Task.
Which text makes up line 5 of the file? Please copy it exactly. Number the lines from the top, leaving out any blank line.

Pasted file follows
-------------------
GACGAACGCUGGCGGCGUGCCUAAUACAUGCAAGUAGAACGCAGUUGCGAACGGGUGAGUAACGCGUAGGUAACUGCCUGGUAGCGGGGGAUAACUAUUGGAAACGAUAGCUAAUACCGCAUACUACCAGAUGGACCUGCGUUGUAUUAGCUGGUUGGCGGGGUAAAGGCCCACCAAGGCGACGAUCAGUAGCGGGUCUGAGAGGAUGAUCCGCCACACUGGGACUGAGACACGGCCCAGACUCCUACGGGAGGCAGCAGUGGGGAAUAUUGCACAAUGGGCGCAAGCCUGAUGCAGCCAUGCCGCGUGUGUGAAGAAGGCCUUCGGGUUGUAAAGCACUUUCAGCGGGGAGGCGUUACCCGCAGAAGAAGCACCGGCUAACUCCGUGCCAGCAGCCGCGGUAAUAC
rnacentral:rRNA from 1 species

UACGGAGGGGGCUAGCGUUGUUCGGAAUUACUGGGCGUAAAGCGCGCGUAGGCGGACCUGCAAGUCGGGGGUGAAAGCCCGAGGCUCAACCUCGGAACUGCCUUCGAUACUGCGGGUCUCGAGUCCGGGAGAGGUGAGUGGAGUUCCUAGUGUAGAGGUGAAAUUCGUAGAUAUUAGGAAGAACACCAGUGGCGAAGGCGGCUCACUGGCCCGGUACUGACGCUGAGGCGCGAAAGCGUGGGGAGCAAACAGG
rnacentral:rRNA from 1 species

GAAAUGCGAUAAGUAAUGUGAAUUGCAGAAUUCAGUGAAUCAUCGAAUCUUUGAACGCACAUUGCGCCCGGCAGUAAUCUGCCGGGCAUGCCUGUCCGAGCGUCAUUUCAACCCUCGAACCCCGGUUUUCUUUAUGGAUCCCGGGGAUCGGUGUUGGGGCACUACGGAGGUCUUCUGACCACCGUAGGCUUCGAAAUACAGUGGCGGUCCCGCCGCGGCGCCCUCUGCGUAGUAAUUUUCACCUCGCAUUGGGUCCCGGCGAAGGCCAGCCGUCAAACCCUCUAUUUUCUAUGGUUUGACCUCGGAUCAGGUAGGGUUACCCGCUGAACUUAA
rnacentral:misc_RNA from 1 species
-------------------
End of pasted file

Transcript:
GAAAUGCGAUAAGUAAUGUGAAUUGCAGAAUUCAGUGAAUCAUCGAAUCUUUGAACGCACAUUGCGCCCGGCAGUAAUCUGCCGGGCAUGCCUGUCCGAGCGUCAUUUCAACCCUCGAACCCCGGUUUUCUUUAUGGAUCCCGGGGAUCGGUGUUGGGGCACUACGGAGGUCUUCUGACCACCGUAGGCUUCGAAAUACAGUGGCGGUCCCGCCGCGGCGCCCUCUGCGUAGUAAUUUUCACCUCGCAUUGGGUCCCGGCGAAGGCCAGCCGUCAAACCCUCUAUUUUCUAUGGUUUGACCUCGGAUCAGGUAGGGUUACCCGCUGAACUUAA